Azerbaijan and UNESCO have discussed the dispatch of a technical mission to territories in and around Karabakh liberated from Armenia’s occupation in 2020, the ministry reported on September 16.
The discussions were held between Azerbaijani Culture Minister Anar Karimov and UNESCO Deputy Director-General for Social and Human Sciences Gabriela Ramos.
During the discussions, Karimov touched upon the campaign Peace4Culture aimed at informing the world community about the situation in the Azerbaijani lands liberated from the Armenian occupation, including destroyed infrastructure and cultural genocide.
Earlier, Azerbaijan appealed to UNESCO several times over the dispatch of the UNESCO mission to record Armenia’s destruction of the Azerbaijani territories that it had occupied for almost three decades.
Many historical monuments were seriously damaged or destroyed as a result of the Armenian aggression.
Monuments, museums, archival funds belonging to the Azerbaijani people were plundered as well.
Over 700 historical and cultural monuments registered by the state before the Nagorno-Karabakh conflict were looted, including the 11 and 15-span Khudaferin bridges in Jabrayil, Ganjasar and Khudavend sanctuaries in Kalbajar, the mausoleum in Aghdam’s Khachin Turbetli village, the Azykh cave in Fuzuli as well as the Shusha state historical and architectural reserve as a result of Armenian vandalism.
Local and foreign experts are currently rebuilding Azerbaijan’s liberated territories.
Other spheres of cooperation
Karimov and Ramos also focused on Azerbaijan’s cooperation with UNESCO in the field of social sciences and humanities.
Speaking about the history of cooperation between UNESCO and Azerbaijan, Karimov said that Azerbaijani First Vice-President of Azerbaijan and UNESCO Goodwill Ambassador Mehriban Aliyeva had an exceptional contribution to these ties.
The minister informed Ramos about the Baku Process known as a major platform for inter-religious, intercultural dialogue initiated by President Ilham Aliyev in 2008.
He noted that the UN Alliance of Civilizations and UNESCO are the main partners of the World Forum on Intercultural Dialogue in Baku. The UN secretary-general reports praised the Baku Process as a global platform that includes intercultural dialogue.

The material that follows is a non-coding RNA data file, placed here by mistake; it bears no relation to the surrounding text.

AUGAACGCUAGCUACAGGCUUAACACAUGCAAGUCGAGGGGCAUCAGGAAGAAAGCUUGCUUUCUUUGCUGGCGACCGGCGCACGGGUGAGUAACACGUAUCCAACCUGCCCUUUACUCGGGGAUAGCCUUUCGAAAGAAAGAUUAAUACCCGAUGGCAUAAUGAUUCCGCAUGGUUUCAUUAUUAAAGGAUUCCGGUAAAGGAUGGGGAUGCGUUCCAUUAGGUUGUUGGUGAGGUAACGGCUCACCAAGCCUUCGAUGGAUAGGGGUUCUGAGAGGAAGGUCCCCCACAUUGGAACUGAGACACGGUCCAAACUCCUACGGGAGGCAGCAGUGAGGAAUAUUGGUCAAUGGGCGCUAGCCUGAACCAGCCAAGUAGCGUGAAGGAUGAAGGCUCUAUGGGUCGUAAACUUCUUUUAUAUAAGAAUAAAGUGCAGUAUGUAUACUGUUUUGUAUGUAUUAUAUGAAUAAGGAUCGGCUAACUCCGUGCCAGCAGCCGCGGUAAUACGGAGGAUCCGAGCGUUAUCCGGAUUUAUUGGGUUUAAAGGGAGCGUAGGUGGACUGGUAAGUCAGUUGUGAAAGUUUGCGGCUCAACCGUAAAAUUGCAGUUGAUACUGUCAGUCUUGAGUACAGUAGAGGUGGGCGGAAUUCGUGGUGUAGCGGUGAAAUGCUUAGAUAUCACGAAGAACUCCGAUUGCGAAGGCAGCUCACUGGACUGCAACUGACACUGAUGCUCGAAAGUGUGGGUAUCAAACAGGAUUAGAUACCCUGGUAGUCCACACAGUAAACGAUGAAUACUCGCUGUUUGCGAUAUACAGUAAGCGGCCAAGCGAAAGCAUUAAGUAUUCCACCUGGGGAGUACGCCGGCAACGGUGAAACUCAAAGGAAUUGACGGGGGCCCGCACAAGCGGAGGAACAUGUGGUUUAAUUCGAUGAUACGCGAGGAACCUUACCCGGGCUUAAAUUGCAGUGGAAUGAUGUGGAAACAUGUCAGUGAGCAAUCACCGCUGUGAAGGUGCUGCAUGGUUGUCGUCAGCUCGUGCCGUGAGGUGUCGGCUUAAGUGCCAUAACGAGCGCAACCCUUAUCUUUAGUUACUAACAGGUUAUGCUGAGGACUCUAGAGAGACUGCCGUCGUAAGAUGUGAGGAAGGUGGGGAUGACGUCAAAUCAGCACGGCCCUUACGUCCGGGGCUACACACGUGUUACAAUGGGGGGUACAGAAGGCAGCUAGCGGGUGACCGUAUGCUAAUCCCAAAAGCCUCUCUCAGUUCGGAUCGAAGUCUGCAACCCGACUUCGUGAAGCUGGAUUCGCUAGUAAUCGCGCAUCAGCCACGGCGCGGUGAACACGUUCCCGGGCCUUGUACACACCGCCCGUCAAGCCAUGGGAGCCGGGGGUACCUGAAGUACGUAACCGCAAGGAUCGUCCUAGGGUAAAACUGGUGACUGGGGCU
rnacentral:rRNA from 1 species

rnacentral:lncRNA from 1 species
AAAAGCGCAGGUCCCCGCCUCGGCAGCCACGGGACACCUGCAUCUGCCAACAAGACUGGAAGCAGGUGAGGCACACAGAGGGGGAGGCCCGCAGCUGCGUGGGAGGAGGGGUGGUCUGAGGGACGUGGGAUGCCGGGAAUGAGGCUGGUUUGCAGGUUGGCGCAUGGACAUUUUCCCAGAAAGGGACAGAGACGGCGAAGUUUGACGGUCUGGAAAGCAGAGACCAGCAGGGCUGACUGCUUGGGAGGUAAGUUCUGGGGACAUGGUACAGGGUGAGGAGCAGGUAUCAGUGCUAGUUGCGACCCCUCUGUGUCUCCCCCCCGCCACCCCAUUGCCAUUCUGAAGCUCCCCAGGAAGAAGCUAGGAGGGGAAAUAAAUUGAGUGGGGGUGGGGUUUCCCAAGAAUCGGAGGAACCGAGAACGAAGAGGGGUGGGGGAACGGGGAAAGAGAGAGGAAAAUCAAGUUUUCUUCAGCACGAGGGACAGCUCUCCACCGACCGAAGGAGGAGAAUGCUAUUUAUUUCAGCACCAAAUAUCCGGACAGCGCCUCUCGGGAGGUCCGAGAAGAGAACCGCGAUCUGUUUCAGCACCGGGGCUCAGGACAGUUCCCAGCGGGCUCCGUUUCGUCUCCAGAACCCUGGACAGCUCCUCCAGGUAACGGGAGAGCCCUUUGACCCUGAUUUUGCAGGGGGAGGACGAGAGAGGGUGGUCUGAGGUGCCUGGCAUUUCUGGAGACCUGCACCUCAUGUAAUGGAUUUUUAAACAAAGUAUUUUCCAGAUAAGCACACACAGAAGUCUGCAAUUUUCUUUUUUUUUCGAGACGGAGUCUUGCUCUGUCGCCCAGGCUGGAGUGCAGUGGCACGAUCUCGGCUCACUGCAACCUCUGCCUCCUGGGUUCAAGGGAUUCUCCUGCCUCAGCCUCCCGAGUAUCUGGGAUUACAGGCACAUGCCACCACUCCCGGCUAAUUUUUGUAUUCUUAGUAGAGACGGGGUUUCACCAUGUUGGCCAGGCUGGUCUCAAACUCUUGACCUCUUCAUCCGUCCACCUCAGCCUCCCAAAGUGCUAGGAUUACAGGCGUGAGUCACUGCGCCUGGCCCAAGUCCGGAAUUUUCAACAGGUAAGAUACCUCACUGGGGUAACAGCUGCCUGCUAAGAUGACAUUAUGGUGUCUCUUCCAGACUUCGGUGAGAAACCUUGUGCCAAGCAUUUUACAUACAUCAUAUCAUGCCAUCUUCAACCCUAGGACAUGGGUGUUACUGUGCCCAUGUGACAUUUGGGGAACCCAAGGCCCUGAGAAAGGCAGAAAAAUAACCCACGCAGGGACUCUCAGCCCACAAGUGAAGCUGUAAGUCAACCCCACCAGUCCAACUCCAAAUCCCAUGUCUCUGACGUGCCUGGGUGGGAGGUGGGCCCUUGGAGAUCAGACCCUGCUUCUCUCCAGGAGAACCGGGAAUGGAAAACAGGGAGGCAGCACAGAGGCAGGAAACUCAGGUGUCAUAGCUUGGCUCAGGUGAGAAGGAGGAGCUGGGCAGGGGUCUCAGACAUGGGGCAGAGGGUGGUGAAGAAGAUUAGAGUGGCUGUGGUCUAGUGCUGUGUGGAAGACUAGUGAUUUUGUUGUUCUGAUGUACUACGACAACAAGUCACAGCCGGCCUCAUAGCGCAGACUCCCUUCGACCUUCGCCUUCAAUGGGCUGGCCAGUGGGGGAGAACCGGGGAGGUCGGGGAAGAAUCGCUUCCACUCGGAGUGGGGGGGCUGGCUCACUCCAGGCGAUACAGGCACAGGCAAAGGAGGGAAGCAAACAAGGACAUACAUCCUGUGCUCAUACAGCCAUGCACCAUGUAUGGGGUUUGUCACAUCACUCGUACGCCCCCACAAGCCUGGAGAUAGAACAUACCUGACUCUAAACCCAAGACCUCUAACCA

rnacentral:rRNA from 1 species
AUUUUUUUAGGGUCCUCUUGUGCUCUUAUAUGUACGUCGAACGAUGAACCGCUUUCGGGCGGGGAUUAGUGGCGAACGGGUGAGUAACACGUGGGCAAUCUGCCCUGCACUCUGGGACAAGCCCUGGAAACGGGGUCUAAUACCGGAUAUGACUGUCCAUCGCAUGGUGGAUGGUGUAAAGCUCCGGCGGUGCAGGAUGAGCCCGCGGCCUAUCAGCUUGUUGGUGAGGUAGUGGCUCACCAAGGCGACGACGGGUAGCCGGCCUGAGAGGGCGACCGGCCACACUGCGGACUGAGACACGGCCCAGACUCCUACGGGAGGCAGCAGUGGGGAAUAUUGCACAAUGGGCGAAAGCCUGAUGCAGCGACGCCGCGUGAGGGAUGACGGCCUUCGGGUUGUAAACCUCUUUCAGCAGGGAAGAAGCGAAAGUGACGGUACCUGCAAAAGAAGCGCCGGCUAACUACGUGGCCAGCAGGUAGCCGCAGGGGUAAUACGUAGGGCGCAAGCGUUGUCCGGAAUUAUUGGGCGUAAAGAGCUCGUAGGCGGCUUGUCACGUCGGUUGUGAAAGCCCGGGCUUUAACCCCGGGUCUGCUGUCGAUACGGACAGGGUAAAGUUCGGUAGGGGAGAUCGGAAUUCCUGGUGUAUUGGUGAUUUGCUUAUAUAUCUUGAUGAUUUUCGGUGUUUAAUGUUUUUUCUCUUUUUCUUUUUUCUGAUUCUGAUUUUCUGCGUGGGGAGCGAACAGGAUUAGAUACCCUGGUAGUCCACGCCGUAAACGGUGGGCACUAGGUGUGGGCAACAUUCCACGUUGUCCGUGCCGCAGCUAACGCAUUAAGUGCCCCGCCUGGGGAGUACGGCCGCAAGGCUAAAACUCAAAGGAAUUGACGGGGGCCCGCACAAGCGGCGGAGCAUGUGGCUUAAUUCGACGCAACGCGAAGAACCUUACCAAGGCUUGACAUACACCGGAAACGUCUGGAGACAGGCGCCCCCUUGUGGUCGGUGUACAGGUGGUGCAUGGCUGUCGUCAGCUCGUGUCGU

He stressed that Azerbaijan attaches great importance to cooperation with the countries located on the Silk Road, and considers as important the role of this ancient road in modern development.
The two officials also discussed gender equality, cooperation in the field of youth, as well as a partnership with the Youth Forum held by UNESCO.
Azerbaijan and UNESCO have been enjoying successful cooperation since 1992.
In 2003, the parties signed the framework agreement on cooperation in the areas of culture, science, education, and communication, which allowed Azerbaijan to become one of the donors of UNESCO.
Many Azerbaijani cultural sites have been included in UNESCO’s World Heritage List.
Icherisheher (Old City), Maiden Tower, and Shirvanshah’s palace were included in the UNESCO World Heritage List in 2000, while since 2007 the Gobustan National Historical-Artistic reserve was also listed among these heritages.
Shaki, an important city at the crossroads of the historic Silk Roads was inscribed on UNESCO’s World Heritage List during the 43rd session of the World Heritage Committee held in Baku.
In 2017, UNESCO recognized Azerbaijan’s dolma as the Intangible Cultural Heritage of Humanity.
Art of crafting and playing with kamancha, presented jointly by Azerbaijan and Iran, was also inscribed on the UNESCO Representative List of the Intangible Cultural Heritage of Humanity.
Moreover, the Pomegranate Festival, Art of miniature were inscribed in UNESCO Representative List in December 2020.
UNESCO also successfully celebrated the 600th anniversary of the death of the great Azerbaijani poet and thinker Imadaddin Nasimi and the 200th anniversary of the first settlement of Germans in Azerbaijan.
By Laman Ismayilova